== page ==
ACCORDING to legend, the Arbroath smokie was created in the 16th century, when fishermen, sifting through the remains of a burned-down cottage, stumbled across a haddock which had been smoked in the dying embers.
The story is almost certainly apocryphal and it is widely believed that the tradition of smoking fish was first imported into Scotland by Viking raiders who ultimately settled on Scotland’s east coast.
What is beyond dispute, however, is that the Arbroath smokie actually originated in the fishing village of Auchmithie, two miles north of the town, and that the secrets of smokie production arrived when the fishermen of Auchmithie moved to the town in the 19th century.
Ever since then the tradition of smoking pairs of haddock, suspended over burning oak and beech chips in whisky barrels, has continued in a number of back street smokeries in the "fit o’ the toon", the maze of streets close to the town’s harbour.
But yesterday the Arbroath smokie, granted special protection status by the European Commission earlier this month, became a true product of 21st-century technology when the first batch, produced in an ultra-modern factory, rolled off the production line at RR Spink and Sons, the town’s largest fish processors.
The official opening of the new 100,000 smokehouse by Allan Wilson, Scotland’s deputy fishing minister, marked the resumption of large-scale smokie production in the town for the first time in two years and the first smokies to be produced in a modern factory.
The special kiln and production facilities at the factory were deigned by Bob Spink who was managing director of the family company until its takeover by Scot Trout Ltd four years ago.
Mr Spink, an Arbroath councillor and director of the new company, spearheaded the successful campaign which resulted in Arbroath smokies joining some of Europe’s finest foods in securing special European protection through Protected Geographical Indication (PGI) status.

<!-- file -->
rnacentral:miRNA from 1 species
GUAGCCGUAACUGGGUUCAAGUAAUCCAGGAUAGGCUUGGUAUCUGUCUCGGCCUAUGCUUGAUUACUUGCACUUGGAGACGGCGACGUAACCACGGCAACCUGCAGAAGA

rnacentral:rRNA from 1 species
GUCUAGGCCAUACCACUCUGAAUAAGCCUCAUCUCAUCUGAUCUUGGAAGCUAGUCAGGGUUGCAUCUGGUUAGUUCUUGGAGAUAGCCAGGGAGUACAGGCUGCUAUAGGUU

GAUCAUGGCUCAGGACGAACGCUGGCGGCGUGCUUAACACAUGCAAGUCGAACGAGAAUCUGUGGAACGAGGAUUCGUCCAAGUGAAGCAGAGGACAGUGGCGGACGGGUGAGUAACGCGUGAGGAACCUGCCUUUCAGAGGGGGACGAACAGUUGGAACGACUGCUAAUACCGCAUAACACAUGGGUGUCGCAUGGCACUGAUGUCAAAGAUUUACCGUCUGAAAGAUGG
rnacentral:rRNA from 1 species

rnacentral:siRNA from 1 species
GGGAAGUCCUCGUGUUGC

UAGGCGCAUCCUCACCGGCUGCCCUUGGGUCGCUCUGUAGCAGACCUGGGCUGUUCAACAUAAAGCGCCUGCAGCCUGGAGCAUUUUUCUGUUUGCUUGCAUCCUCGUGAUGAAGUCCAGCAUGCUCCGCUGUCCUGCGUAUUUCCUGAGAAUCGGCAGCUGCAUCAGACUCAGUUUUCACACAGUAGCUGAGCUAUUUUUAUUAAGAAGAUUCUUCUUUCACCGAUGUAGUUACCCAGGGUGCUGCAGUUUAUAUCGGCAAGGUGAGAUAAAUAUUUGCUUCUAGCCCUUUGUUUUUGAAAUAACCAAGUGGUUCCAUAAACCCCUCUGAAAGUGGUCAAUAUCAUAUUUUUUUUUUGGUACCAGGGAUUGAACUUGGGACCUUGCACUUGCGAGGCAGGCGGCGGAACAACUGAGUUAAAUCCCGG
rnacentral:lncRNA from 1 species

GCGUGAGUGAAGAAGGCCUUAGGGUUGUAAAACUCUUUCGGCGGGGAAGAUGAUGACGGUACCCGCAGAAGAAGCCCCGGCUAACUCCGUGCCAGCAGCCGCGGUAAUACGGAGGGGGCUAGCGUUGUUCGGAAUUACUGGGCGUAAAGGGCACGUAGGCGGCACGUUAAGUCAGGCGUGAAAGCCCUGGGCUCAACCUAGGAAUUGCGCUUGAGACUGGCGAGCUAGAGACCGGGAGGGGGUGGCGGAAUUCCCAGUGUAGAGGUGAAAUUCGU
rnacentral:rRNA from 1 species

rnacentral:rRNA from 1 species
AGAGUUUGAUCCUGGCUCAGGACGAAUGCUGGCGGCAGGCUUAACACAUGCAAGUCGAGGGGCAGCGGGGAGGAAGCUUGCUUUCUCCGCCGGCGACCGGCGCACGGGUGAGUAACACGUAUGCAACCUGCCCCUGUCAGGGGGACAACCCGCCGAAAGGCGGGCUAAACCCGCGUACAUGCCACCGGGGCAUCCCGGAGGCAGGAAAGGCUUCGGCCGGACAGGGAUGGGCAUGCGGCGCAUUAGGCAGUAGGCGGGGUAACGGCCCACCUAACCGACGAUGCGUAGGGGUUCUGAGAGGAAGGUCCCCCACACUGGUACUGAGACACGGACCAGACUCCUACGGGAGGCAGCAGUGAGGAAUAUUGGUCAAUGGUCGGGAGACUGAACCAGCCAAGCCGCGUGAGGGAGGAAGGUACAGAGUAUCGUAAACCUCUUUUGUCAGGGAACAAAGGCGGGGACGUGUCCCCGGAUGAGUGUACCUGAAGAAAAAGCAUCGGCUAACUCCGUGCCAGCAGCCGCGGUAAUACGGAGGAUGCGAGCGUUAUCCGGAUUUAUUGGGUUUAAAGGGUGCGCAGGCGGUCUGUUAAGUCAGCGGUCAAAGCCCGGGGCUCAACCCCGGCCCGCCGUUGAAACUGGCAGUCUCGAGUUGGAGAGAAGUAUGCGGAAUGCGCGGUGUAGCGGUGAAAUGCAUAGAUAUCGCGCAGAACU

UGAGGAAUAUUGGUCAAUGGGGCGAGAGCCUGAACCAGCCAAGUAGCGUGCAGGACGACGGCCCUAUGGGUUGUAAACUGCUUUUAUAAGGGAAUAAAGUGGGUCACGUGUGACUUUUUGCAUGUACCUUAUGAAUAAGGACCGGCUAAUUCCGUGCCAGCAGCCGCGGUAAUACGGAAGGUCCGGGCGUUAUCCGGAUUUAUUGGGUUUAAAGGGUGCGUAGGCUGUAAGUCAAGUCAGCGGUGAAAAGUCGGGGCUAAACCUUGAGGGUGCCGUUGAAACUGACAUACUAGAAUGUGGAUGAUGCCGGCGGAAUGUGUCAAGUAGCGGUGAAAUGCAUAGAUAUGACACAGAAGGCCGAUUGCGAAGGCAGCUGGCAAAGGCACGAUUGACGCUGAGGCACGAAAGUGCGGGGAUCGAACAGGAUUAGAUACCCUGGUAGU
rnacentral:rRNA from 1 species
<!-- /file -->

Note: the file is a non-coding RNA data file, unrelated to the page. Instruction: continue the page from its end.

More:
Mr Spink said: "I never lost faith in the smokie and I always knew that we would resume production on a large scale.
"People still want quality and tradition. They don’t want homogenised and clinical food. And what I have done is to design the kilns which can enable us to bring the smokie to a mass market while still maintaining the traditional way of doing things."
Muir Hunter, the managing director of Scot Trout, explained: "We always said that, when the time was right, we would begin production again and PGI status has given us the springboard.
"We are hoping that the turnover in smokies in the first year will reach 250,000, increasing to 500,000 eventually. We have started selling to Sainsbury’s this week and will be looking to other major supermarkets in the near future."
Each of the new smokies produced at the factory will carry a special label, extolling the virtues of the delicacy. Mr Hunter admitted: "The problem with the Arbroath smokie is that, although they taste wonderful, they are pretty consumer unfriendly. They look awful.
"But with the labelling we are trying to educate the consumer about what they are, what to do with them, and even how to debone them.
"PGI branding has made the Arbroath smokie a luxury product. Along with champagne and Parma ham, we are now in the premier league of foods."
The fisheries minister was the first to sample a smokie off the new production line. "I last tasted a smokie many years ago, but this has certainly rekindled my interest," he said.